Date: November 7, 2007
Times Visited: Too Many To Count!
Eastside Portlanders are divided by a love for North and South, which includes neighborhood hangouts…and could come down to Vita Café vs. Paradox Café. Both restaurants were formerly under the same ownership, though that’s changed over the years. Both Stumptown Vegans adore Vita, though one utterly loves it, and one has a softer spot for Paradox.
For those veg*ns living near either restaurant, dining there can easily become a comfortable routine. Paradox is about 98% vegetarian, and they will try to make any dish vegan, according to their menu. The diner style room is full of booths, small tables and counter style seating. In the evenings, there’s not usually a wait for tables, but come weekend mornings, you will undoubtedly find yourself waiting, at least a bit, if not for over 20 minutes. Alas, so is the weekend breakfast routine in Portland. Why wouldn’t you wait for a “Number Three”, a hot plate of vegan French toast, potatoes and tofu for $7.10? Or a vegan corn dog basket, corn cakes and a side of veggie sausage, Tempeh Reuben, Sloppy Joseph, biscuits and gravy, mac and cheez with broccoli…the list goes on. And while you’re waiting, spend the requisite time next door in Great Gatherings, flipping through old records, sweaters, and plates.
It’s like eating at a vegan greasy spoon, just what you need when hung-over from those vegan white Russians at The Tube, with some healthier fare – like a Deluxe Green Salad with a house made maple-mustard, lemon tahini, tomato vinaigrette, sesame-peanut, guacamole or vegan ranch dressings or a cup of miso soup. When I lived nearby, I would alternate between the Number Three with a large, buttery corn cake and tempeh, nachos with house made queso, salad with lemon tahini and the Mac and cheez. No other restaurant in Portland gives us so many diner-riffic options, except maybe Vita. Because it’s diner-style, I’ll be honest, now and then, your food may not be served as warm as it should be. You’re hoping for a great meal, but it could turn out to be something you could make at home, so opt for something you wouldn’t necessarily make at home. Sometimes food is overcooked, burnt potatoes are seen, and complaints come out of regular and new diners.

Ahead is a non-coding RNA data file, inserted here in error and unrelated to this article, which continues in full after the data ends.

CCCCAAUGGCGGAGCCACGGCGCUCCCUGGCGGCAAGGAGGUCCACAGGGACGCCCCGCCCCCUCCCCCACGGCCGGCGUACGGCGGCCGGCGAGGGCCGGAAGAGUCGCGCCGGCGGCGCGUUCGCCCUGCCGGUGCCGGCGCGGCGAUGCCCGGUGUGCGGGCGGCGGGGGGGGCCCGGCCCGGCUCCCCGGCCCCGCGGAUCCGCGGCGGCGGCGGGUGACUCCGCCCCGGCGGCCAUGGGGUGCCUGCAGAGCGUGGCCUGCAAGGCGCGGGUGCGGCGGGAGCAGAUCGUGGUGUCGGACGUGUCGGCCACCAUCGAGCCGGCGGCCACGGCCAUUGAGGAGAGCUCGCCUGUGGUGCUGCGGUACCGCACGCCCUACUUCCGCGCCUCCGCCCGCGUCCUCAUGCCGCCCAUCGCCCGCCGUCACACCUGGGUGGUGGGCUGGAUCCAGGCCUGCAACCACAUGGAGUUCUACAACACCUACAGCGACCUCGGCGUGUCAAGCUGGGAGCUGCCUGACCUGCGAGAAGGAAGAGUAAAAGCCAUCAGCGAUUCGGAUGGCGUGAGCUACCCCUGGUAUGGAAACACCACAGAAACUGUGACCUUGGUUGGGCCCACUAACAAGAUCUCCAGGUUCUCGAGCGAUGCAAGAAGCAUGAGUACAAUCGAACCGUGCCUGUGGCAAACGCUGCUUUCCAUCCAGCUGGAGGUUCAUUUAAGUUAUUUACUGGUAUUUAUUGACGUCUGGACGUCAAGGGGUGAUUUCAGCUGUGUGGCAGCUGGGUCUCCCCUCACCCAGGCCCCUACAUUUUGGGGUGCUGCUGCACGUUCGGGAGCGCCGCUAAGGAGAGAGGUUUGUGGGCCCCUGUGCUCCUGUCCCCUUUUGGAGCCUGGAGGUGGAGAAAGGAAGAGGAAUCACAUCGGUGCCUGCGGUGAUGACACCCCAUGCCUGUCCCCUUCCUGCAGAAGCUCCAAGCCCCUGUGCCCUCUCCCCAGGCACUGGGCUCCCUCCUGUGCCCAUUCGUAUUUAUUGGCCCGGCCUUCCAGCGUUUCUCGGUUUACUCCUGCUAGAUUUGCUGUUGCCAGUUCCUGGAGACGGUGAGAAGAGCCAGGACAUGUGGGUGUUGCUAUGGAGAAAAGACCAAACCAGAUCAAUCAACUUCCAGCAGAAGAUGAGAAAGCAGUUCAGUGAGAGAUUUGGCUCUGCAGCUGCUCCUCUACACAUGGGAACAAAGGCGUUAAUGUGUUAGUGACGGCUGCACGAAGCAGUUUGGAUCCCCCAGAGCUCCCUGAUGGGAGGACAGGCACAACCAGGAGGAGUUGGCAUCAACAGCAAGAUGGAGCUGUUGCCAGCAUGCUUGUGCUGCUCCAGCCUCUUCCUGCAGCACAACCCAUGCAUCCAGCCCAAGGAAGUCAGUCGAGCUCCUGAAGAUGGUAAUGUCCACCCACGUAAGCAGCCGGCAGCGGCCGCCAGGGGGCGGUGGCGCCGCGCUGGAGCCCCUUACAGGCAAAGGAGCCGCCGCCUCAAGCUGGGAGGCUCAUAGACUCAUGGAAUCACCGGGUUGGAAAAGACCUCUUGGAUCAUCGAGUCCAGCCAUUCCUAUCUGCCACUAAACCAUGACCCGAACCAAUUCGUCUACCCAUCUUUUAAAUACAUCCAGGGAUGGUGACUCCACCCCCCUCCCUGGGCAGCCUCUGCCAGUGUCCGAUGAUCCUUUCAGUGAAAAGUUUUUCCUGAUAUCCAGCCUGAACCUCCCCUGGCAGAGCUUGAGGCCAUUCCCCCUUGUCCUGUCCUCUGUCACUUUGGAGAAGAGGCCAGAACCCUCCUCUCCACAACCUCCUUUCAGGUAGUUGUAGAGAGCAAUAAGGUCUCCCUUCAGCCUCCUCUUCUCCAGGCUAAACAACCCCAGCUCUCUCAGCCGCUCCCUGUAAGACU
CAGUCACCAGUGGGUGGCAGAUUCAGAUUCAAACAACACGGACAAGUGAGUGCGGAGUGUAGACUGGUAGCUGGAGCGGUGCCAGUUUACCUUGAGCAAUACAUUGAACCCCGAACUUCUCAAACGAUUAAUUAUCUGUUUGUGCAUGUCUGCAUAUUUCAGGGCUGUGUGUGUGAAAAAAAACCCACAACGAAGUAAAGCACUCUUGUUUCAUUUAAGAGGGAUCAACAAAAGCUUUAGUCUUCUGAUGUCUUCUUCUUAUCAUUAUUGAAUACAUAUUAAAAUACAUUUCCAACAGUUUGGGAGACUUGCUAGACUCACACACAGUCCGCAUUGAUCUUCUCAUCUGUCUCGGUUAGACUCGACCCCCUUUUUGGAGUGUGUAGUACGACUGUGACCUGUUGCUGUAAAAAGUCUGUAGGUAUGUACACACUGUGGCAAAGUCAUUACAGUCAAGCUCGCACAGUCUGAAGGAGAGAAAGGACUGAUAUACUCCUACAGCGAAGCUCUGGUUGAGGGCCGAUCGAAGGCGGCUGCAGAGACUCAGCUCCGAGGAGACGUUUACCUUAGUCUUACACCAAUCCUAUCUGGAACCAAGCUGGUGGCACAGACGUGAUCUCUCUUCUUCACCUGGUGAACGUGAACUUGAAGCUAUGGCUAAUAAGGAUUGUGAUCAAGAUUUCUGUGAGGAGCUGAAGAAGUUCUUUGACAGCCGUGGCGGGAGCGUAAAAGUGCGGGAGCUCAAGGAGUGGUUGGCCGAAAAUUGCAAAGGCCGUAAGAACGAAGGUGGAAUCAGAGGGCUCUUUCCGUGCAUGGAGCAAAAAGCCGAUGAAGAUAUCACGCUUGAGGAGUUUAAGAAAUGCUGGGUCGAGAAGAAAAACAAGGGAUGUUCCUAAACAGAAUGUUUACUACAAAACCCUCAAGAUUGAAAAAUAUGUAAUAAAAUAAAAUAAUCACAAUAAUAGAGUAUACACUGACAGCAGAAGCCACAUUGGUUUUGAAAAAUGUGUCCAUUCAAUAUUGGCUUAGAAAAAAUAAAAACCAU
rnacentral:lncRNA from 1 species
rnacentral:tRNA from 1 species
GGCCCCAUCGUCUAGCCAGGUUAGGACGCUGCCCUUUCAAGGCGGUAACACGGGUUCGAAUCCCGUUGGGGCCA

While Vita and Paradox offer many identical menu items, they are not always prepared in the same way, and this can vary at the individual restaurant as well. One day the cook seems to put spices in the mac and cheez that weren’t there last week, etc. On my most recent visit, I ordered the Vegan Benedict ($8.25) for the first time. It contained thick toast, a thin but creamy enough hollandaise sauce with an nice, light touch of spice, salty veggie sausage (storebought), seasoned potatoes and chopped tomatoes. The watery tomatoes did nothing for the dish, but everything else contributed to a tasty dinner. Nothing you couldn’t make at home, but it would have been a few more steps than one might like to do on a normal day. Price wise, it’s debatable if I’d get it again, but I wouldn’t rule it out, as I did have leftovers.
While both Stumptown Vegans miss the rotating seasonal menus and themes and the ‘early’ bird breakfast specials of yore, we still appreciate what Paradox Café brings to Portland, and especially in its immediate neighborhood. It’s a key place to take omnis, as they can order 2% freely (mainly, hamburgers), but they just might opt for a veg*n breakfast burrito. I enjoy going for dinner, as it is usually less crowded than weekend brunches, and reminds me of going to diners when I was younger in the wee hours with friends.
Enjoy some nickel games next door at the Avalon, and then get yourself a corndog and a natural cola, or a slice of cake and a cup of Stumptown, the choice is yours. Your friends in NE don’t have a nickel arcade nearby, do they?
Rating: 4.25 out of 5
Address: 3439 SE Belmont Portland, OR 97214
Open Daily, 8am-9pm